According to the draft Interim Measures, it is mandatory that the following two types of foreigners working in China shall participate in the social insurance scheme of China (except for nationals of foreign countries that have entered into bilateral or multilateral treaties with China for bilateral/multilateral social insurance exemption):
a. foreigners who are legally employed by enterprises, public institutions, social groups, privately owned non-enterprise units, foundations, law firms, and accounting firms etc. in China; and
b. foreigners who enter into employment contracts with overseas employers and are then seconded to work in branch or representative offices incorporated or registered in China.
According to the draft Interim Measures, citizens from Hong Kong Special Administrative Region, Macau Special Administrative Region and Taiwan who are working in the mainland China shall also participate in the social insurance scheme by referring to the provisions as set forth under the Interim Measures.
It is advisable to take a closer look at the Interim Measures when they are formally promulgated to have a better understanding of the rights and obligations towards foreign expatriates thereunder.
Closer Supervision and Harsher Penalties
Obligations for Making Social Insurance Contribution
Clause 63 of the new Social Insurance Law provides that if the employer fails to make full payment of social insurance contribution in time and refuses to rectify the situation within the prescribed time limits, the in-charge authority can adopt the following measures:
a. to check the employer's deposit account with banks or other financial institutions;
b. to apply for approval from the relevant administrative authority to deduct the outstanding social insurance contributions directly from the employer's account opened with banks or other financial institutions;
c. to require a guarantee from the employer in case its account balance is insufficient to pay the outstanding social security contributions; and
d. to apply to the People's Court to detain, seize and auction the employer's assets at a value equivalent to the outstanding social insurance contributions in case no guarantee is given under the situation as described in item (c) above.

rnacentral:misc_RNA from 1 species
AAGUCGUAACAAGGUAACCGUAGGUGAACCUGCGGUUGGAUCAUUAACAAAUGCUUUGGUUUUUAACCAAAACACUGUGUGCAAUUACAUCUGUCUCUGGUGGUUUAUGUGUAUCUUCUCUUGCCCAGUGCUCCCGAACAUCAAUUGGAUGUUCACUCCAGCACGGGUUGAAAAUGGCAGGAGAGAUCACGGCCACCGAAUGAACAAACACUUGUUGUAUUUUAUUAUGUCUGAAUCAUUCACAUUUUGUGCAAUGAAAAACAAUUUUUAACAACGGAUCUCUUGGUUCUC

In addition, according to Clause 86 of the Social Insurance Law, a late fee of 0.05% per day shall be charged on the overdue amount and if the employer still fails to make the payment in time, a penalty ranging from 1-3 times of the outstanding social security contributions may be imposed.
Obligation for Issuing Proof on Termination of Employment Relationship
Clause 19 of the Implementation Rules provides that if the employer refuses to issue the proof on termination/release of the employment relationship to the employee when the employment contract is terminated or released, which results in the employee's failure to enjoy social insurance benefits, the employer shall make compensation to the employee.
Obligation for Withholding Social Insurance Contribution
Clause 20 of the Implementation Rules provides that if the employer fails to withhold the payable social insurance contribution from the employee's salary, the employer will be demanded to make up for the contribution on behalf of the employee within prescribed time limits and a late fee of 0.05% per day shall be charged. Moreover, the employer shall not require the employee to bear such late fee.
In light of the above stipulations, companies and entities operating in China shall pay more attention to comply with the obligations for making/withholding social insurance contribution for their employees (including expatriates) and issuing proof on termination of employment relationship in due course, given the more stringent requirements and the higher costs involved due to violation.
Having said the above, if the employer's business operation is in severe difficulty due to force majeure, Clause 21 of the Implementation Rules provides a grace period (which shall normally not exceed one year), where the employer's contribution to social insurance may be suspended. After the lapse of the grace period, the employer shall make up for the corresponding social insurance contribution but no late fee will be charged.
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Whilst every effort has been made to ensure the accuracy of this publication, it is for general guidance only and should not be treated as a substitute for specific advice.